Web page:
Featured Research

from universities, journals, and other organizations

A cautionary note on oxytocin as a treatment for psychiatric disorders

Date:
August 12, 2013
Source:
Elsevier
Summary:
The hormone oxytocin is known for its widespread effects on social and reproductive processes, and recent data from intranasal administration in humans has produced hope for its use as a therapeutic in autism, schizophrenia, and other disorders. However, this leap to human use is happening without previous animal studies of long-term oxytocin administration, and without knowledge of the neurobiological mechanisms involved in the behavioral findings. A new study indicates that the promising short-term effects often observed after a single dose of oxytocin may not translate to positive effects after long-term administration.

The hormone oxytocin is known for its widespread effects on social and reproductive processes, and recent data from intranasal administration in humans has produced hope for its use as a therapeutic in autism, schizophrenia, and other disorders.

However, this leap to human use is happening without previous animal studies of long-term oxytocin administration, and without knowledge of the neurobiological mechanisms involved in the behavioral findings.

A new study now published in Biological Psychiatry indicates that the promising short-term effects often observed after a single dose of oxytocin may not translate to positive effects after long-term administration.

This research was led by Dr. Karen Bales, Professor and Vice Chair of Psychology at the University of California. She and her colleagues examined the long-term effects of oxytocin treatment using the prairie vole, a small rodent that forms strong life-long pair bonds and is thus often used in studies of social behavior.

Both male and female voles were treated with one of three dosages of intranasal oxytocin, administered daily from weaning through sexual maturity. During this time, the researchers observed and recorded the voles' social interactions. They also conducted tests of social and anxiety-related behaviors in the adult voles, after the oxytocin treatment had finished, allowing them to measure any long-term effects.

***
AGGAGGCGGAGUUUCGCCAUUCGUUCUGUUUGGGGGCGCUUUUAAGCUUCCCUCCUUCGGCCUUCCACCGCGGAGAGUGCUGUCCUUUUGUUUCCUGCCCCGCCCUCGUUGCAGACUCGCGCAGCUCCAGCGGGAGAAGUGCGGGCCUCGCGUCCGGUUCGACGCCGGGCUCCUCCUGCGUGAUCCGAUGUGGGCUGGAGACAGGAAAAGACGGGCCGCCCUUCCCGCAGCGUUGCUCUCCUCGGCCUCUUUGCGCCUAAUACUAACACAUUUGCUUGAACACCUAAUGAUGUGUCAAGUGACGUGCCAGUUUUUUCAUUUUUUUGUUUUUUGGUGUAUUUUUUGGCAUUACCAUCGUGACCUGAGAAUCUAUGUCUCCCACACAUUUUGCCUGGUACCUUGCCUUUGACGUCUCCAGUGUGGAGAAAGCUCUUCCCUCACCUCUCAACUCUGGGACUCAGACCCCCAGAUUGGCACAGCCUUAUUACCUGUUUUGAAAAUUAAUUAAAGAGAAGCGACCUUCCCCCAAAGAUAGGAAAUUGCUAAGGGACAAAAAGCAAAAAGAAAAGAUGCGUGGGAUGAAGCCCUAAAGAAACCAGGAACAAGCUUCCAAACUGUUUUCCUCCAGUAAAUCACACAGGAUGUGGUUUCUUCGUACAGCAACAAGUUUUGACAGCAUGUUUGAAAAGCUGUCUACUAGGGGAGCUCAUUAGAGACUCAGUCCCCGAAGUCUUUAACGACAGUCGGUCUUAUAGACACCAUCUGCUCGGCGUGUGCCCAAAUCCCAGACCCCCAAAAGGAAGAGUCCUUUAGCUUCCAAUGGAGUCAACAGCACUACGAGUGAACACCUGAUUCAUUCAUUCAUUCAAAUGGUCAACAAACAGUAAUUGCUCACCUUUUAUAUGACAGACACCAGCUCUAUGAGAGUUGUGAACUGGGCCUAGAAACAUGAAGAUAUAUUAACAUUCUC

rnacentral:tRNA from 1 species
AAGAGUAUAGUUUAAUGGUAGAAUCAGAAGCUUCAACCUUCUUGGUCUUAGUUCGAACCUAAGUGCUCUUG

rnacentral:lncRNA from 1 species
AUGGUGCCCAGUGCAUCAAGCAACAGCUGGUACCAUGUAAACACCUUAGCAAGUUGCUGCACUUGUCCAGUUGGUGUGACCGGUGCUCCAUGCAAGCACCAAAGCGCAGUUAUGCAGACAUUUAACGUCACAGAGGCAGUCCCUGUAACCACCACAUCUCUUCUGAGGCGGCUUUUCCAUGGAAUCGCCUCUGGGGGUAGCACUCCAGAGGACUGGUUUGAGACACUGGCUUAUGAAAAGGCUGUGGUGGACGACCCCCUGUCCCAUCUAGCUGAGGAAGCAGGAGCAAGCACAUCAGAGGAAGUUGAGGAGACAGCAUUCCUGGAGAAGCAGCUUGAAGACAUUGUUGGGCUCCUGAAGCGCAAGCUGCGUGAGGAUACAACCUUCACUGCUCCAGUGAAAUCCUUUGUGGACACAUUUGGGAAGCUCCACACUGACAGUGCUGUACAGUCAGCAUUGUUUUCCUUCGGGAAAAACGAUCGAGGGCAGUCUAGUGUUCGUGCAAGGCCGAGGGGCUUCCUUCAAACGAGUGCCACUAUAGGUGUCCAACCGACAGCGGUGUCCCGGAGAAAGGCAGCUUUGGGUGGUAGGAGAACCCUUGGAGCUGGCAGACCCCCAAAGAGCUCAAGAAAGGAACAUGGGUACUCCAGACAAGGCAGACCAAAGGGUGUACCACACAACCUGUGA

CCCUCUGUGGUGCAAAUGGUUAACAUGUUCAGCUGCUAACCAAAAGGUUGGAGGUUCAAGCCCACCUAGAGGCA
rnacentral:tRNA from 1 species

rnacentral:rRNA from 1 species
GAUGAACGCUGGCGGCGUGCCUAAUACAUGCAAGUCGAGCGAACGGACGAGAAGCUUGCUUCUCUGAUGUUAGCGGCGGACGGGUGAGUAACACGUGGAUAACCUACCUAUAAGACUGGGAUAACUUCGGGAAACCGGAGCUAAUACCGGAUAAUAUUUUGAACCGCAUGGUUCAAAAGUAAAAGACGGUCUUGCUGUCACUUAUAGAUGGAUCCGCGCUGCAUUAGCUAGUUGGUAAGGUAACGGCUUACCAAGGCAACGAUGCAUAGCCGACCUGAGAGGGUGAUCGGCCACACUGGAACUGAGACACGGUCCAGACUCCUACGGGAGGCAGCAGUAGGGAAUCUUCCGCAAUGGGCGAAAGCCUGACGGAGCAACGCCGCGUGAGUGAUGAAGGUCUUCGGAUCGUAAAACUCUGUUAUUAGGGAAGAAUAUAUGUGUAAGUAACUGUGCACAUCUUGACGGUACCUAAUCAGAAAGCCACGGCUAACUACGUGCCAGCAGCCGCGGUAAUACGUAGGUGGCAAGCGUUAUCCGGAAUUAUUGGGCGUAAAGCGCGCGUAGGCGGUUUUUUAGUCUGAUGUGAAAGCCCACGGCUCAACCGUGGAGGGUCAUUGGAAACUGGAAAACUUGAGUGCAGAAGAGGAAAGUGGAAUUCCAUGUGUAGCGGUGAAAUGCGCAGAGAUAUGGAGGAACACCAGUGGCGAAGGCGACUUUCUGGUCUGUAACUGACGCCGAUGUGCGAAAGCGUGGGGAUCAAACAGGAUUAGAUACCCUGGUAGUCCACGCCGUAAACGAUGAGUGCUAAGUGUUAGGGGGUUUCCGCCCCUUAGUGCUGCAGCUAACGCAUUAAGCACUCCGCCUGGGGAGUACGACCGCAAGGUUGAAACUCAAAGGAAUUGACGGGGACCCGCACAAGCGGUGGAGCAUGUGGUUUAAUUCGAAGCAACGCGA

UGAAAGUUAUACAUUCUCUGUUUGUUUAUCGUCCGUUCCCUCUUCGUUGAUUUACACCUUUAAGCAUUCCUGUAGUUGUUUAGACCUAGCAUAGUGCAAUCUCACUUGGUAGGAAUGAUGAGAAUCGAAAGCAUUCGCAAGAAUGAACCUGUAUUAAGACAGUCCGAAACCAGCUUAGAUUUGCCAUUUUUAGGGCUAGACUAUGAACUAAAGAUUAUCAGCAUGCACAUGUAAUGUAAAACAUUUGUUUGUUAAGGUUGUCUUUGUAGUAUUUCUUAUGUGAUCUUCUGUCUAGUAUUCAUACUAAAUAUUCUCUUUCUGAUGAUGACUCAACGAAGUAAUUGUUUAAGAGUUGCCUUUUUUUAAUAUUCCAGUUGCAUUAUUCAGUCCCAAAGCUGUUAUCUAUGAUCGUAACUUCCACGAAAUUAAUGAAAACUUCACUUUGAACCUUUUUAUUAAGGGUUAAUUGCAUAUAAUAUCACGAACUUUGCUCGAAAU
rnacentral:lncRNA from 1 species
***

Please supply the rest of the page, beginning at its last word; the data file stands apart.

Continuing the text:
As expected, oxytocin treatment increased social behavior in male voles, similar to the effects repeatedly observed in humans. However, the long-term effects were concerning, with male voles showing deficits in their typical behaviors.

"In this study, we showed that long-term exposure to oxytocin in adolescent male prairie voles led to disruption of social bond formation in these males as adults," explained Bales. "Male prairie voles which received a dose similar to that being tested in humans, or even a lower dose, did not form pair-bonds normally with their pair-mate. Instead these males chose to associate with a strange female."

This important finding should suggest caution in the long-term use of intranasal oxytocin in developing humans.

"The fact that long term treatment with oxytocin had the opposite impact of initial doses with the same substance suggests that special strategies will be needed if oxytocin is ever to become a long-term treatment for autism or schizophrenia," said Dr. John Krystal, Editor of Biological Psychiatry.

Bales agrees, and added, "In our continuing research program, we also have preliminary data suggesting that these treatments caused long-term changes in the oxytocin system. Additional animal work, carried out in close consultation with the psychiatrists carrying out clinical trials, will be necessary to use intranasal oxytocin in an informed and responsible way."


Story Source:

The above story is based on materials provided by Elsevier. Note: Materials may be edited for content and length.


Journal Reference: